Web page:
Black Swans or Paradigm Blindness?

Nassim Taleb first coined the term “Black Swan event” in his book Fooled by Randomness in 2001.

He used it as a metaphor to describe events that come as a surprise, have a major effect, and are often rationalized after the fact as having been predictable with the benefit of hindsight.

His second book, The Black Swan gives as examples of black swan events the rise of the Internet, the personal computer, World War I, dissolution of the Soviet Union, and the 9/11 attacks.

The question remains for me – were these events predictable?

Peter Schwartz, in his book 1994 book The Art of the Long View argues that the fall of the Berlin Wall was predictable, but few companies or governments for that matter were poised to take advantage of the situation.

And he claims that this was caused by institutionalised Paradigm Blindness.

The concept of paradigm blindness implies that individuals, groups, and organizations are unwilling or unable to accept any challenge to their core ways of making sense of the world and determining how they interpret and make sense of what goes on around them.

When we develop entrenched views of the world, we can become very good at filtering out information that does not support our views and assumptions and allowing in information that does.

These are some famous examples of paradigm blindness in action:

  • “I think there is a world market for maybe five computers.” — Thomas Watson, chairman of IBM, 1943

  • “But what is it good for?” — Engineer at the Advanced Computing Systems Division of IBM, 1968, commenting on the microchip.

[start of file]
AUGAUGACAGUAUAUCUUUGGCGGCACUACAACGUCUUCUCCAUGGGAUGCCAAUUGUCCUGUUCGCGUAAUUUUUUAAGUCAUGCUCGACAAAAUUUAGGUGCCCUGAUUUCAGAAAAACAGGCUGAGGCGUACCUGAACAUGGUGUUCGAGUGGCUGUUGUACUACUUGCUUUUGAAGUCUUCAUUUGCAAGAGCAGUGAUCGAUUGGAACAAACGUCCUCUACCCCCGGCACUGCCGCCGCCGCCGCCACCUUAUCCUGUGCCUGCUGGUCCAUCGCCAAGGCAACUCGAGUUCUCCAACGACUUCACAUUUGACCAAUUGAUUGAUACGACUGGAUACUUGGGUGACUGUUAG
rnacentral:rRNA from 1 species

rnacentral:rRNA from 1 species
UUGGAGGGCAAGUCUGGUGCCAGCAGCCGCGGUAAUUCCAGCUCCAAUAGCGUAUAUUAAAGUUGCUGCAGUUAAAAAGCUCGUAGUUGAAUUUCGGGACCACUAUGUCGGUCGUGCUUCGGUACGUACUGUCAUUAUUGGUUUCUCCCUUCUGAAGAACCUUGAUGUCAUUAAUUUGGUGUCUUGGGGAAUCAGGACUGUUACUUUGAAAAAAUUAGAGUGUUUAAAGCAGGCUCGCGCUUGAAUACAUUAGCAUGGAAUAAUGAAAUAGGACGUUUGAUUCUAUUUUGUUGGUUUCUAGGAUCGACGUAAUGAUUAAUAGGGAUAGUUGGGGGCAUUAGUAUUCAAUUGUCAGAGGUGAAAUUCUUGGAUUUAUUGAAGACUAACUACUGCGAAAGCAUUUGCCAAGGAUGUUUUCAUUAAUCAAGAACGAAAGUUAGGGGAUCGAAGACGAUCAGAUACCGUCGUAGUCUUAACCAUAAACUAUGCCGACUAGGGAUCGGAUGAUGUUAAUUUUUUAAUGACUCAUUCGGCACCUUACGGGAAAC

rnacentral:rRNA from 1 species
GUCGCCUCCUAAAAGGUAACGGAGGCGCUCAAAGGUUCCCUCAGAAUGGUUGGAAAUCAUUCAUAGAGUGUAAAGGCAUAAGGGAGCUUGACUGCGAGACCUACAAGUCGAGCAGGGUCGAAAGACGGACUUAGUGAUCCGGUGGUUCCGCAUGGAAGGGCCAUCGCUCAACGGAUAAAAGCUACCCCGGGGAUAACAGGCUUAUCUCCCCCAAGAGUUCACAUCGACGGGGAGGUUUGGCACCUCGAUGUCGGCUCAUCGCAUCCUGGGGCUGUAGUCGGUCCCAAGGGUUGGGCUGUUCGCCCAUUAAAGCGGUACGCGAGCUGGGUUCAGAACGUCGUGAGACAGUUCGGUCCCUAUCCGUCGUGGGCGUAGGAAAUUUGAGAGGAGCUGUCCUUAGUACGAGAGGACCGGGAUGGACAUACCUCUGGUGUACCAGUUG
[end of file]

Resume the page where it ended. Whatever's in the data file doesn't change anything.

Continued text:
• “There is no reason anyone would want a computer in their home.” — Ken Olson, president, chairman and founder of Digital Equipment Corp., 1977

  • “This ‘telephone’ has too many shortcomings to be seriously considered as a means of communication. The device is inherently of no value to us.” — Western Union internal memo, 1876.

  • Who the hell wants to hear actors talk?” — H.M. Warner, Warner Brothers, 1927.

  • We don’t like their sound, and guitar music is on the way out.” — Decca Recording Co. rejecting the Beatles, 1962.

  • “Heavier-than-air flying machines are impossible.” — Lord Kelvin, president, Royal Society, 1895.

  • “Drill for oil ? You mean drill into the ground to try and find oil ? You’re crazy.” — Some drillers who Edwin L. Drake tried to enlist to his project to drill for oil in 1859.

  • “Stocks have reached what looks like a permanently high plateau.” — Irving Fisher, Professor of Economics, Yale University, 1929.

  • “Everything that can be invented has been invented.” — Charles H. Duell, Commissioner, U.S. Office of Patents, 1899.

  • “Louis Pasteur’s theory of germs is ridiculous fiction.” — Pierre Pachet, Professor of Physiology at Toulouse, 1872

Paradigm blindness is a serious threat to Directors who are not in the habit of challenging their strongly held assumptions.

Alarmingly, it is not surprising to hear directors say in conversations regarding disruptive technologies and their future impact – ‘that will never happen’; or ‘that won’t impact on our organisation’.

The competitive landscape is changing and we have to get used to that continuing.

Shareholders are not well served by a passive approach to the changes occurring and we need to ensure that we are not suffering from our own form of paradigm blindness when considering the potential impact of disruptive change on the future of our organisations.

The term “Black Swan” can give a false sense of security.

It can breed the belief that “Because it is not easily predictable then I cannot be held accountable if I do not anticipate its arrival”.

But what is predictable today is the significant change in the external environment that will have the potential to impact all of our organisations.

The speed of commercialisation of new technology is unprecedented, leaving much less time to respond than in times gone by.

The question for boards is not whether we will be impacted by Black Swan events, but rather will our paradigm blindness make us slow to respond to trends that should have been predictable if only we had had our eyes and ears open to the information?

Comments are closed.